Home' Trinidad and Tobago Guardian : February 4th 2017 Contents A6 news
guardian.co.tt Saturday, February 4, 2017
Two days after Stanley Seecharan left home
to tend to his crops, relatives found his de-
composing body down a precipice near his
Police were not sure whether Seecharan was
murdered because of the advanced state of de-
composition of his body. However, an autopsy at
the Forensic Science Centre confirmed that he died
from multiple chop wounds.
Seecharan, 55, a Works and Transport Ministry
labourer, lived alone along the Tabaquite Road,
Relatives said he had not gone to work in a long
time and his employers had planned to take dis-
ciplinary action against him.
They said that he wanted to work in his garden
along Alleyne Road, Tabaquite, full-time. Police
said he sometimes stayed in the garden.
Seecharan's brother, Vesta Villafana, said around
5 pm Thursday, another brother called with the
news that he was found dead next to a coconut
tree. Seecharan was found by his nephews who
went in search of him after they did not see him
at home for several days.
"My two nephews went to look for him because
they missed him at home. They went to the land
and they got a smell, so when they followed the
smell, they found him down a precipice.
"We're hearing that he was murdered. They said
that they found him down by a coconut tree with
his face down, a chop behind his neck and one of
his hands. I also heard that he was chopped on his
head and back so I really don't know what really
happen to him," Villafana said.
He said he did not know if his brother had prob-
lems with anyone or encountered someone stealing
He said Seecharan lived alone after their mother
died three months ago.
Acting CoP: Police Service doing all it can
Acting Police Commissioner Ste-
phen Williams says the Police Service
was "not throwing its hands up in the
air" but was doing everything within
its power to ensure that citizens feel
safer and that crime was brought un-
In the first month of the year 13 people
were arrested and charged for murders and
65 illegal guns seized, he said.
Speaking to the T&T Guardian Williams
said police are fighting crime at all levels.
He said, "We are not putting our hands up
in the air and crying, we are doing everything
possible to ensure that the problem is dealt
with, we are pushing, working hard, and I
assure you we will see the progress, we will
see a comparative reduction in murders and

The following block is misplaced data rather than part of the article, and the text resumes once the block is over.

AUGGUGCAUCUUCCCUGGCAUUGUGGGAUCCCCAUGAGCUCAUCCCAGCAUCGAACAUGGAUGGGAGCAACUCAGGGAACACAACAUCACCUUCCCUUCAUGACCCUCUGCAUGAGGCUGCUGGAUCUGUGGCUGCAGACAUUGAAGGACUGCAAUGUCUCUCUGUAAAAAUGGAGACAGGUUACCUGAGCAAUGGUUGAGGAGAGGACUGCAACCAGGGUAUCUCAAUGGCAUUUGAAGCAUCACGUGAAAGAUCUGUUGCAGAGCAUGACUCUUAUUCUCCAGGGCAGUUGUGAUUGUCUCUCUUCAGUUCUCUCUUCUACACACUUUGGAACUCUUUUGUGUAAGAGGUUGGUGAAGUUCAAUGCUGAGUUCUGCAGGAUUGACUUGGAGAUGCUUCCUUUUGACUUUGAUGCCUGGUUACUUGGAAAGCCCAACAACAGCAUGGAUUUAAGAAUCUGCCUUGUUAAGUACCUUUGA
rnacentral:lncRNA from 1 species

other serious crimes."
With close to 60 murders for the year Wil-
liams admitted "homicides are a big ticket
item and we have increased our efforts to
deal with it. We have doubled the staff at
the homicide bureau, but we also have to
prevent the homicides."
There has been a 20 per cent solve rate
for the murders committed with 13 people
being arrested and charged.
But Williams said there are some mur-
ders "we cannot prevent, a brother killing
his brother, a daughter stabbing her father, a
cousin killing a cousin in an argument, that
is murder but police can't stop that."
In an effort to keep the homicide rate
down, he said, "We have developed the hot-
spot policing approach so every single day
police are out in locations where the likeli-
hood of crime is higher than other places. We
out there every single day getting guns and
arresting people, we driving hard in dealing
with the problem."
To ensure that his men are out in the 'hot-
spot' areas where they have been assigned,
he said, "vehicles have been installed with
GPS tracking systems, we have the most
comprehensive tracking of GPS in patrol
vessels in the world, so we know where the
vehicles are on a 24/7 basis."
This, he said, was of tremendous benefit
to communities, "because while everybody
looking at homicides there has been a signif-
icant decline in violent crimes in shootings
for the year."
In 2016 there were 60 shootings and
woundings in the month of January, for
the same period this year, he said, it was
down to 29.
Williams said on a daily basis "the po-
lice are apprehending persons who commit
crimes almost immediately." Those crimes
he said are "mainly robberies but within
minutes the perpetrators are arrested. The
number of persons before the magistrates
court on a daily basis for new crimes is tes-
timony to the work we are doing."
He admitted though he was "not satisfied"